Nature is playing a more important role in our lives today. So much so, that more architects are utilizing designs to maximize our access to nature all around us. Whether we’re talking about residential homes, office spaces, or public areas, integrating natural elements is becoming a priority to ensure wellness and productivity.
At the same time, people continue to bring the outdoors in through houseplants, organic decor, and expansive windows. With this growing affinity to connect with the natural world in our daily lives, we turn to architecture that seeks to blur the lines between the outdoors and the indoors.
Discover Glass Houses.
Photo source: Divisare
Contrary to how it sounds, glass houses are durable and provide a comfortable home to live in. Moreover, they offer a borderless experience of the surrounding environment.
Imagine living in a transparent home where the changing seasons color the ‘walls’ around you, where the forest and mountain views are reflected upon your living room, and where the sunrise and sunset is seen from the comforts of your bedroom.
That is the allure of living in a charming glass-encased home.
When and how did glass houses become a thing?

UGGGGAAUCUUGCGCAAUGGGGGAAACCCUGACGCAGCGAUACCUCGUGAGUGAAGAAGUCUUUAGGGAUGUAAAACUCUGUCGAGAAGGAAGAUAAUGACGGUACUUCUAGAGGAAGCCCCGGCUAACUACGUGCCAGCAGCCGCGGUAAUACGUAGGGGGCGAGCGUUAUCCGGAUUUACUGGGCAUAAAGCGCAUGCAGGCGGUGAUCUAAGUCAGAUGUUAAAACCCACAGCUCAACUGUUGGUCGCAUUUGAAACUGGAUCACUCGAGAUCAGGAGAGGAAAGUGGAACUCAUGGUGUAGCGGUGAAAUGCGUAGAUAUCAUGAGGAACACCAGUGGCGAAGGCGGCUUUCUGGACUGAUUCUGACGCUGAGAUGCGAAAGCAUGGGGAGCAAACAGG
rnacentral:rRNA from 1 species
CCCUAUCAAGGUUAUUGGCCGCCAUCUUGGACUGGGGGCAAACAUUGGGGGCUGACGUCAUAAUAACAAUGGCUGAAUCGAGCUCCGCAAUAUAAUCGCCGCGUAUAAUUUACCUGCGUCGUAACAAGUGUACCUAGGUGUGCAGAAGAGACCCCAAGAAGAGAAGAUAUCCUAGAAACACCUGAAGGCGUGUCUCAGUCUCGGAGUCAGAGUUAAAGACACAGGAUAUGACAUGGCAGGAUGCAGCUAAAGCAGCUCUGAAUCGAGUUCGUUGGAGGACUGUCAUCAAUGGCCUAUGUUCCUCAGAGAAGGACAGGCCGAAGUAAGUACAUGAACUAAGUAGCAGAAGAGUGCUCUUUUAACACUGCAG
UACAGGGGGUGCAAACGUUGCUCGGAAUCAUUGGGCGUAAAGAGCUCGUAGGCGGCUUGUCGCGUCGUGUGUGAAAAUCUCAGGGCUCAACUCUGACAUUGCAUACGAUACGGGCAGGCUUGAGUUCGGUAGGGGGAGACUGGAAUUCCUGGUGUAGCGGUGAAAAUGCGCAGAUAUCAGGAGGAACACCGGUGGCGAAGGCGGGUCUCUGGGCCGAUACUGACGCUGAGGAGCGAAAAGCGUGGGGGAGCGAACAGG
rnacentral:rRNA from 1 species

Glass Houses is one of the iconic structures in architecture. It became popular back in the early 1950s, an era of experimentation in the world of architecture and interior design. This period saw the rise of mid-century style, which was characterized by organic, essential forms, and large masses. It merges nature and technology, introducing new materials into the residential scene, which blended interior and exterior spaces.
Photo source: The American Institute of Architects
Consequently, it was during this time when architects Philip Johnson and Mies Van der Rohe utilized materials that seamlessly integrated into the landscape. The result was glass houses which are homes that typically have broad expanses of glass in an effort to integrate the indoor spaces with the natural surroundings. Glass walls and sliding glass doors around the home are such hallmarks of this design style.
One of the first glass houses by Philip Johnson still stands as an iconic structure. Simply named Glass House, it is best understood as a pavilion for viewing the surrounding environment. This house also ushered the International Style into residential American architecture.
And, just like glass houses today, this home is a rectangular, loft-like space with an open floor plan. It overlooks a pond with views towards the woods beyond.
Architects like John Launter, an apprentice of Frank Lloyd Wright, was also an influential figure through his use of industrial forms and technology to create incredible mid-century homes. Just like Wright, he created spaces that naturally blended with the surrounding landscape.
He does so while working with powerful geometric designs that are identified by the distinctive lines that are oftentimes accompanied by colored stained glass windows. Despite the mass of his structures, he was still true to the philosophy of the time which focused on form, function, as well as practicality for everyday living.